In the book of Mark Bassett, Understanding Roseville Pottery Art, he outlines the rationale for the model Cherub belonging to Roseville. Most forms found in this line, and above the door, were created solely by Roseville Pottery at this particular time. In addition, the body of clay and glazes are very similar to those used on Roseville Donatello and Ivory color. The problem with the line of pottery Cherub Cameo is the lack or inconsistency of brands.
Cherub pieces were found with a number of plant shape (584) die-impressed on the merits of various flower companies. However, Roseville historically placed the figures indicating the size of the garden immediately after the form number. For some reason, all parts marked Cherub were found with the notation of size below the number of forms. To add to the discussion, it is interesting to note that Owens Pottery Pottery sometimes marked with its size below the number and shape. However, Owens shape numbers and sizes are italicized unlike visible marks on Cherub.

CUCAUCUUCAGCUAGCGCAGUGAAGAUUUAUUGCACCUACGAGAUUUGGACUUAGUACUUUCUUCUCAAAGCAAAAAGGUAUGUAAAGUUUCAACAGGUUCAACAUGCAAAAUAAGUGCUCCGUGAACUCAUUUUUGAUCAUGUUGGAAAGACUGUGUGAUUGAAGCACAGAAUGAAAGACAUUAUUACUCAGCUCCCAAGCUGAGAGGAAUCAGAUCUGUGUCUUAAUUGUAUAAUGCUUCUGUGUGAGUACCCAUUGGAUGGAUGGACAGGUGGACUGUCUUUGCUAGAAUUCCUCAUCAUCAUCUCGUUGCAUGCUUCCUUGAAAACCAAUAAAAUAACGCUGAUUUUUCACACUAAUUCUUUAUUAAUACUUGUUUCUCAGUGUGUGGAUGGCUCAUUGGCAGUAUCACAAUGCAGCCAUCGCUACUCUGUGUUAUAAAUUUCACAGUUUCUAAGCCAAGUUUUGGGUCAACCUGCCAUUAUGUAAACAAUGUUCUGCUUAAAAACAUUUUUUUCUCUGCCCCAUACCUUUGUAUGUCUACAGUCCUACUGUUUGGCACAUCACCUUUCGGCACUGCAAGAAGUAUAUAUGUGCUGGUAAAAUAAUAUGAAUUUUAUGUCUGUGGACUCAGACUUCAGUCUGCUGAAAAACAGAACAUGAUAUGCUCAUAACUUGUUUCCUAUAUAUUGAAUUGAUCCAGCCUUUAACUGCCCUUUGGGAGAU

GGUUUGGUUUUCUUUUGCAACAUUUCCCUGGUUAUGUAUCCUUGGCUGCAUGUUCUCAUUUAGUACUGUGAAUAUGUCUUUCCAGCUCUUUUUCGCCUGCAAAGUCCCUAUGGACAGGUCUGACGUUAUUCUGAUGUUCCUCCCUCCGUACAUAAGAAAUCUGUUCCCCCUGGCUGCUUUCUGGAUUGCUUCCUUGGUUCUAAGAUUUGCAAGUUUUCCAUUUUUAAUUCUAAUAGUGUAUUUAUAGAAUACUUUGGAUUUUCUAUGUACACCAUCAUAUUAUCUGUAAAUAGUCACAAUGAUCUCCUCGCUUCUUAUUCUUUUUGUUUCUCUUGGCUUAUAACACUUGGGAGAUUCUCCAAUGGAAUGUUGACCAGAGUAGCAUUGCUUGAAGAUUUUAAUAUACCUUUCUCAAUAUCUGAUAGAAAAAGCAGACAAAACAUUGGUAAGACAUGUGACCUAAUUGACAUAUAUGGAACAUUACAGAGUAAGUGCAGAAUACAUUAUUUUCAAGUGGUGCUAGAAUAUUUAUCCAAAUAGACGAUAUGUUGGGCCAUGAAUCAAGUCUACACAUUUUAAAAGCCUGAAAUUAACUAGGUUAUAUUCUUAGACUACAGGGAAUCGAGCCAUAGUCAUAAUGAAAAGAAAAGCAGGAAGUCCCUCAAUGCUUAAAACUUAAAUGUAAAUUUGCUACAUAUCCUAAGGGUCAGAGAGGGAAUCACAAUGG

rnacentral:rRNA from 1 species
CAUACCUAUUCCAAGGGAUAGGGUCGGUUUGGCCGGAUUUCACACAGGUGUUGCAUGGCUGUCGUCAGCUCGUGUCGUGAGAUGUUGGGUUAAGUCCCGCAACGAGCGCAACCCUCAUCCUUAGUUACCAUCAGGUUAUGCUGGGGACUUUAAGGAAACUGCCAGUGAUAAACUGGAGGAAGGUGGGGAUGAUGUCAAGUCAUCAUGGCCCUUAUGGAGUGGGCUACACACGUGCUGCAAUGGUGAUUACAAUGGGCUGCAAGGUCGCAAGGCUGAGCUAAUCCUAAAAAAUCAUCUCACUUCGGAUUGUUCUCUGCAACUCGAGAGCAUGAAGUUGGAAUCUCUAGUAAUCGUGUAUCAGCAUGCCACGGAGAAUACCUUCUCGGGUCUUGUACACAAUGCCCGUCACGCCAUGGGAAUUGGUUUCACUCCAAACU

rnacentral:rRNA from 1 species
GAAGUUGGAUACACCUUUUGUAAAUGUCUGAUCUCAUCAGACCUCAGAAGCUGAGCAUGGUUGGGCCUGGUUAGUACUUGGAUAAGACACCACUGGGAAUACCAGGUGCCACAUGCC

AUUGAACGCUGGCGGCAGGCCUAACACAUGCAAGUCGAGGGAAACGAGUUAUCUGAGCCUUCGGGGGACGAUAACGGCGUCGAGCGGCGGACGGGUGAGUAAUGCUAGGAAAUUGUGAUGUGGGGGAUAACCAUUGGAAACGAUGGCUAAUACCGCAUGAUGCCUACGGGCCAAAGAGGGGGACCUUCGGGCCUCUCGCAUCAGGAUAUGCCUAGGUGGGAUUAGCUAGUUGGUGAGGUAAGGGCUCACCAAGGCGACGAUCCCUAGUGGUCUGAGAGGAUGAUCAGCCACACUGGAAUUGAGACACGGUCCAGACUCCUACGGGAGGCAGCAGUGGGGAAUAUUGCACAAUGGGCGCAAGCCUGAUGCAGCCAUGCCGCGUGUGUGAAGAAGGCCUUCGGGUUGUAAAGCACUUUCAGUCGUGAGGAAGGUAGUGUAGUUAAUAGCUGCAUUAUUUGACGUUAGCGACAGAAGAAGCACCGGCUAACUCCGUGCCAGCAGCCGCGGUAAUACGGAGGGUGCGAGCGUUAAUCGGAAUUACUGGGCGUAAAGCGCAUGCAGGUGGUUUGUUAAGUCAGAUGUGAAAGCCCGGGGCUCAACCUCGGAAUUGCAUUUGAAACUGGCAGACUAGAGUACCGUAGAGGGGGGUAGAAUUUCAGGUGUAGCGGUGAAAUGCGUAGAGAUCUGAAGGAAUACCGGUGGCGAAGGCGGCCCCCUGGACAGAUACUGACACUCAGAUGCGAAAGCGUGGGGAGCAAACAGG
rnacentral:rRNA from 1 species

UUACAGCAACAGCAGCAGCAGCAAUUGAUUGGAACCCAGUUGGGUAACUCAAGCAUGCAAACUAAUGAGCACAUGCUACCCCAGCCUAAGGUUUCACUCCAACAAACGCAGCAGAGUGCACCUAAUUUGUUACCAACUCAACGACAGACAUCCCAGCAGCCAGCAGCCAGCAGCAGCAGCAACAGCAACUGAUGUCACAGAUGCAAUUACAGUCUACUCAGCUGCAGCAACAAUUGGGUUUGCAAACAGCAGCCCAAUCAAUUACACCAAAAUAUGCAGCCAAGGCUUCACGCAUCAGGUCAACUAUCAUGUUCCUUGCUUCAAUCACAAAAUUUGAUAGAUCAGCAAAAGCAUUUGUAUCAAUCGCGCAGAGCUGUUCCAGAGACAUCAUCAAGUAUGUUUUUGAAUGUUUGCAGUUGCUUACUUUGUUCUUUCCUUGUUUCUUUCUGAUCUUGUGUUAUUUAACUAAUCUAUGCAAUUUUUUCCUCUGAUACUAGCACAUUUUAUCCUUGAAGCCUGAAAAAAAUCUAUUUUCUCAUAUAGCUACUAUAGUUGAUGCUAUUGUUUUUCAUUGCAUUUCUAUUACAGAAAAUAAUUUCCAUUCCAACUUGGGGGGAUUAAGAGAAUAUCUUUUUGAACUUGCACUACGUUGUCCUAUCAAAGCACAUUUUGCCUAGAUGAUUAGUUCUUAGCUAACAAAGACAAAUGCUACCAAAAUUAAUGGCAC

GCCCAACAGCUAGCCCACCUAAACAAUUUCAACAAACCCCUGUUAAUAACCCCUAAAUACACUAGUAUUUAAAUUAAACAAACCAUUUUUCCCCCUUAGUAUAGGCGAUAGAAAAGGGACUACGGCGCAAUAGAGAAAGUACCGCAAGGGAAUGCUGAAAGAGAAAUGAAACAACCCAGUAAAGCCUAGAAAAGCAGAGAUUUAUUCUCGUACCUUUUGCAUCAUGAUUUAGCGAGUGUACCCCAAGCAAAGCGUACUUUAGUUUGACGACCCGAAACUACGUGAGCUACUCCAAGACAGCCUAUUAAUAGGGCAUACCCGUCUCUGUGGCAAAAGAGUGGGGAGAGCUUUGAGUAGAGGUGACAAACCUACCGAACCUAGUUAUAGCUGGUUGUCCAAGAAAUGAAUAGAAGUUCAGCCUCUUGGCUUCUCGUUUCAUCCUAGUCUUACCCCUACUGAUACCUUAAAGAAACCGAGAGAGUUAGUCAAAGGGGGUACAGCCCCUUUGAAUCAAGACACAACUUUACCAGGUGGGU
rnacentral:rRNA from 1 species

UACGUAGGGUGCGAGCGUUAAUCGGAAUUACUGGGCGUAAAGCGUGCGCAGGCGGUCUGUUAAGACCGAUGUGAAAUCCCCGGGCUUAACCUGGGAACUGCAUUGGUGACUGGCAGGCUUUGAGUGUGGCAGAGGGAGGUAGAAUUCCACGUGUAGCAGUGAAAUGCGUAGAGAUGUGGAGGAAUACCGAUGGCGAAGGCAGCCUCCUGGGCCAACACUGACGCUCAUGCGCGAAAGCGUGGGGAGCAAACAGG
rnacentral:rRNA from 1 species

At this stage we are firmly in the camp that believes that the model was produced by Roseville Pottery Cherub. However, if you're like me, you might discover that you are more interested in this collection remarkable for the beauty it adds to a collection, or independently, rather than who did. The greens and golds are simply striking, because they play off each other and cherubs centered in the circles only add to the uniqueness of this line of pottery. And also, the mystery of its author for great dinner conversation and only adds to its charm

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The pleasures of the Kids Pottery